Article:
What To Do When Your Toilet Won’t Stop Running
Toilets can have a variety of problems that can be frustrating to deal with. Some toilet problems are actually quite small and can be easily corrected with just simple steps. If you’ve started noticing major problems such as sewage backup, clogs that a plunger isn’t unplugging, or leaks in hard-to-reach areas, those are problems that require a professional plumber to come fix the problems and should not be attempted to do on your own. But if it’s a minor problem related to a toilet bowl not quite filling to proper level, water trickling down into the bowl, or the toilet not flushing completely when the lever is pulled, you can try a plumbing fix on your own to address those.
Toilet Isn’t Getting A Full Bowl Or Good Flush
Sometimes water that should be going into the toilet bowl while its flushing to refill it doesn’t go in there. When this happens it’s usually because the fill tube got knocked out of place or is defective. What you can do is open up the lid to the refill tank and see if the little plastic tube that goes from the refill valve (the long metal pipe in your toilet) to the plastic overflow pipe is working. If water is missing the overflow tube due to the fill tube missing its mark, you simply have to reattach the fill tube to the refill valve and redirect it to go through the overflow tube. If water is not coming out of the fill tube, you might have a problem with the refill valve or your water lines.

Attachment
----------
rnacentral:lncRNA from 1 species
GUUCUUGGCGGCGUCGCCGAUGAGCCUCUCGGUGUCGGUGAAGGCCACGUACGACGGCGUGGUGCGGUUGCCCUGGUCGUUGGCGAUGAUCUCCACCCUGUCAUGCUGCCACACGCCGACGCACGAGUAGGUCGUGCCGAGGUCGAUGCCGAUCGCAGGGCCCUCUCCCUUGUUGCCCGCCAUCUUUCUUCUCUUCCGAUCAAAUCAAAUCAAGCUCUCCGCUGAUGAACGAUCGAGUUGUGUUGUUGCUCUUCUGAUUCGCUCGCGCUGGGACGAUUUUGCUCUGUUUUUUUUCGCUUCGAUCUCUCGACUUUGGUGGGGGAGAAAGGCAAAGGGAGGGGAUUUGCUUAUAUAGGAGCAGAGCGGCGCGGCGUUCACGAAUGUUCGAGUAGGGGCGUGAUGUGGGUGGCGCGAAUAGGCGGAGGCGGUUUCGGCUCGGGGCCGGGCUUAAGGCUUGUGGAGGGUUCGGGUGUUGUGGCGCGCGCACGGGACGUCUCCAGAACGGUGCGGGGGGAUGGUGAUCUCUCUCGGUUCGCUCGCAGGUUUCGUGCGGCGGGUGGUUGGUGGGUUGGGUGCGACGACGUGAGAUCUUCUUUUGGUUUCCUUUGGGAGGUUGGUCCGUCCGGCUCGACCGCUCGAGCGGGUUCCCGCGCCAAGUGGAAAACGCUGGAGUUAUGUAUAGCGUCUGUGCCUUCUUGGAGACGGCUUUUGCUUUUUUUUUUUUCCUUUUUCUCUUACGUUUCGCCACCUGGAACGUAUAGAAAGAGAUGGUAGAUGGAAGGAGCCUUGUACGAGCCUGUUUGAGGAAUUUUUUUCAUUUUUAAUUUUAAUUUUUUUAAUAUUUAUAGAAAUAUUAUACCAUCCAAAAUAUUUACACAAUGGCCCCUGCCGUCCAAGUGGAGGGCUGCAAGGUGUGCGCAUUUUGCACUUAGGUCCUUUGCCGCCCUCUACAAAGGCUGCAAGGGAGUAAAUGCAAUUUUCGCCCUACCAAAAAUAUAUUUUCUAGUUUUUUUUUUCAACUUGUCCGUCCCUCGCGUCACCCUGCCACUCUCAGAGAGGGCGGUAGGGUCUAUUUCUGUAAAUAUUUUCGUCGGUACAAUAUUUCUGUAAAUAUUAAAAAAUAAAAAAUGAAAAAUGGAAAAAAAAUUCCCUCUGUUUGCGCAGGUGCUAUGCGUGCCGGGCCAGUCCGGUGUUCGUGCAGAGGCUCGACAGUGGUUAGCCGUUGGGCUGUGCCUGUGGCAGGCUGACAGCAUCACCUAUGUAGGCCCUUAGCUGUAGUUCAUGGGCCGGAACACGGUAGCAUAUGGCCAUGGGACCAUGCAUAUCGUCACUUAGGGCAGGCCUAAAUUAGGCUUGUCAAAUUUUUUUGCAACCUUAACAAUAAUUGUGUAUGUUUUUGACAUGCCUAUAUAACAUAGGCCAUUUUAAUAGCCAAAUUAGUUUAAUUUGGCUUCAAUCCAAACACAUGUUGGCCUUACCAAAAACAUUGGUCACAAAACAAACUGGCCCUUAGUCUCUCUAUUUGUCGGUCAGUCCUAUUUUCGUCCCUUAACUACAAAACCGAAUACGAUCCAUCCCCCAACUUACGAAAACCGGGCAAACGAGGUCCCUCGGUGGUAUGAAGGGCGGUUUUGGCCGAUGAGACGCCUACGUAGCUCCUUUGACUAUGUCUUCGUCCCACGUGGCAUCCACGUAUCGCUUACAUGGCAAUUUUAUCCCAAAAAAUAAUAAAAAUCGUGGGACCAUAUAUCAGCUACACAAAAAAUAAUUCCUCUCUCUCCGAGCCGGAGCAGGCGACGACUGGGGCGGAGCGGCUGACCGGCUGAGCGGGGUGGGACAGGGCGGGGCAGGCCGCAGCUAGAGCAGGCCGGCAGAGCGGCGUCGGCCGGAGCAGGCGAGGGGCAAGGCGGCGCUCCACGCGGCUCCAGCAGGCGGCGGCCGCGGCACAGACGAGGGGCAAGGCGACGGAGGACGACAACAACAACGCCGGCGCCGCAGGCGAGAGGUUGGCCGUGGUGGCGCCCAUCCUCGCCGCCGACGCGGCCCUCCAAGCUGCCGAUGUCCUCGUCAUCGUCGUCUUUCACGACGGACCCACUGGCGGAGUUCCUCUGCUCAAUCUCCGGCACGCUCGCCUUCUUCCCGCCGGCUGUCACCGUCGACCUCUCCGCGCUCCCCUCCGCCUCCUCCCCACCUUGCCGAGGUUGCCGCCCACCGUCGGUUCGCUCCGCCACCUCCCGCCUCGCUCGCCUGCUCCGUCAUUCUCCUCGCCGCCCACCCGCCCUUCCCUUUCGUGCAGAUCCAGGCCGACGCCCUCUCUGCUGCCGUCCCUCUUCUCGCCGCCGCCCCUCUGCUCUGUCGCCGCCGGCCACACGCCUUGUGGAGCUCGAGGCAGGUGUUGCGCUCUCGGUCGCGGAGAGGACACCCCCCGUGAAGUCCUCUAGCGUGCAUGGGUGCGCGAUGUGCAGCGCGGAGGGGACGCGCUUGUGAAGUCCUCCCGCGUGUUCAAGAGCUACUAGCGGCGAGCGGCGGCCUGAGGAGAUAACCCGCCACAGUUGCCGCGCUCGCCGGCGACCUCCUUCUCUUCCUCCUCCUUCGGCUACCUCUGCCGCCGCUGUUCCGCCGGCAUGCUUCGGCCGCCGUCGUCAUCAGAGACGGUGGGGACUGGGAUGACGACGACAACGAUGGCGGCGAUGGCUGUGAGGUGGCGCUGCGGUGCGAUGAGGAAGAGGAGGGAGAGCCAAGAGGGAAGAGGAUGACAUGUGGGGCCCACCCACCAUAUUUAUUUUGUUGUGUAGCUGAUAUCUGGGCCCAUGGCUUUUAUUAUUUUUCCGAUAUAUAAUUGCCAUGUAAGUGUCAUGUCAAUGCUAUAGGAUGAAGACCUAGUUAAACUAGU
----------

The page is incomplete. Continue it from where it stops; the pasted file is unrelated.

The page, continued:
Water Is Constantly Running Into The Toilet Bowl
Toilet problems could involve water running into the toilet bowl that won’t stop because of a bad flapper or bad float positioning. Flappers are usually easy to replace, with most hardware or home improvement stores carrying them, although occasionally if a matching one isn’t found you may have to get a new overflow tube and flapper to replace your current one. If it’s not the flapper, it’s probably because your float, which controls the refill valve is positioned incorrectly. You can adjust where the float will stop and shutoff the refill valve. On older toilets, the float is a ball on a rod that has to be adjusted by bending the rod. On newer models, it’s usually a cylinder-shaped object that slides up and down the refill valve and is attached by tightening or loosening a screw or clip that holds it in place. Move it so that it is positioned where it’s supposed to be at the “full” mark.
Chain And Lever Problems In The Toilet
One other plumbing fix you might look into is making sure the chain and the flush lever leading to the flapper are working. Sometimes the chain can get bumped off its attachment to the lever rod and that causes the flapper to only open part way. Simply readjust the chain to the make sure it’s given enough room to open the flapper fully but will let it shut once the water fills.
Need Plumbing Service?
Contact the plumbing experts at Williams Home Maintenance!